A visit to the Mediterranean island doesn’t necessarily mean insane, incessant nights dancing to EDM. The subtler, more stylish side of Ibiza is all hidden beaches, fresh seafood, and jugs of sangria.
The Mediterranean island of Ibiza has drawn artists and bohemians to its sandy shore since the 1930’s with Surrealist artists like Dada and writers like Man Ray and Raoul Haussmann. In the 1950’s, international stars like the Prince of Sweden, Elizabeth Taylor and Laurence Olivier arrived, and today, the island that’s roughly ten times the size of Manhattan, but with one-twelfth of the population, swells in the summertime with visitors seeking sun, surf, and notorious parties. “By 1965,” writes Maya Boyd, in the introduction to the newly published book Ibiza Bohemia, “Ibiza was the hippest place in Europe, and the action played out on the terrace of the Hotel Montesol. Art deals, movie deals, drug deals—it all went down on that sunny corner of Vara de Rey…These were the halcyon days of groupies and gurus, musicians and mystics, bikini-clad babes, and velvet-cloaked nomads: an exotic farrago that gave birth to the hipster elite.”
Joni Mitchell immortalized Ibiza in her hit song “California.” James Taylor wrote “Carolina in My Mind” while there, and even Roman Polanski holed up there. In the 1980’s, San Rafael’s Ku Club picked up where Studio 54 left off with Valentino, Moschino, David Bowie, and Jean Paul Gaultier. Freddie Mercury filmed the iconic video for “Barcelona” in the club and British DJs birthed the Second Summer of Love after visiting Ibiza. The 1990s brought Kate Moss, John Galliano, and Boy George. Today, Boyd says the well-heeled visitors are “designers, entrepreneurs, yogis, and CEOs from worlds and countries as disparate as the hippies, creating little pockets of paradise in the safe harbor of Ibiza’s open arms.”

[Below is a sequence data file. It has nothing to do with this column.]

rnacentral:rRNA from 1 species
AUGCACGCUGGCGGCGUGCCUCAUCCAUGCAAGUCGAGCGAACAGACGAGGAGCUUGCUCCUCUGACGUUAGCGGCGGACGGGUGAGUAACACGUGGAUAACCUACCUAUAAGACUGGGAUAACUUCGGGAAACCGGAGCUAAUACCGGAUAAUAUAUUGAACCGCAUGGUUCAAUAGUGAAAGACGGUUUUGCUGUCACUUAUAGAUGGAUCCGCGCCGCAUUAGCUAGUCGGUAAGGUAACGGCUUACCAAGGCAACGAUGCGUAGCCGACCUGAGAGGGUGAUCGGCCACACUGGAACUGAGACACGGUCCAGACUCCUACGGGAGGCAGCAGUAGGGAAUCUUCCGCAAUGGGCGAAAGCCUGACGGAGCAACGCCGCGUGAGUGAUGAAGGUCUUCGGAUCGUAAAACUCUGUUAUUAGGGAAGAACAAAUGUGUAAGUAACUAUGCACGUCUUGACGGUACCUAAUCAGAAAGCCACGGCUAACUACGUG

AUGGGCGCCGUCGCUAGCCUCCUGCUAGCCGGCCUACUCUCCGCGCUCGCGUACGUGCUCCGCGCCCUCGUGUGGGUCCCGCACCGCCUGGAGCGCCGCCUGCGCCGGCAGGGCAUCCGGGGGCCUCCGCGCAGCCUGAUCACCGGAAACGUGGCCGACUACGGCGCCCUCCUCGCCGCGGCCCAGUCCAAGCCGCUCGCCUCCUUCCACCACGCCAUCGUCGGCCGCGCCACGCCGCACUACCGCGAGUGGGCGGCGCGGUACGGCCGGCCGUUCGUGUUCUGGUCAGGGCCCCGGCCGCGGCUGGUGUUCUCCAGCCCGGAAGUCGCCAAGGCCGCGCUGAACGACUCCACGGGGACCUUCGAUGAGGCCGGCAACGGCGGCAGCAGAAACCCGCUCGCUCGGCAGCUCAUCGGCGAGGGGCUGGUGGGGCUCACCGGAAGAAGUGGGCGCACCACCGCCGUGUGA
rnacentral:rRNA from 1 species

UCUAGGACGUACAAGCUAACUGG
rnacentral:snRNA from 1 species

But there’s more to the island than clubs and jet setters. And Renu Kashyap, a Dutch fashion editor who moved there in 2012 with her husband and daughter, and Maya Boyd, a freelance travel and style writer and the editor of Ibiza-based Pasha magazine, have teamed up with Assouline to showcase a different side of Ibiza. Their book, Ibiza Bohemia, celebrates this more stylish, more authentic side.
For Boyd, that side of Ibiza is found at the drumming ceremony on Benirrás beach, at Espalmador, a slip of a sandback connected at low tide to Ibiza’s sister island, Formentera. The sea is perhaps the clearest in the Mediterranean and there are natural mudbanks at the island’s center.”
If either of those ideal days has inspired you to look into flights to the Balearic islands, take note: recently, the island has cracked down on AirBnBs, but that doesn’t mean you need to go to a large, impersonal hotel. Ibiza has a wealth of agroturismos, or rural hotels that focus on conservation, ranging in budget and taste. At the higher end, you have places like Finca Can Martí that are also amazing.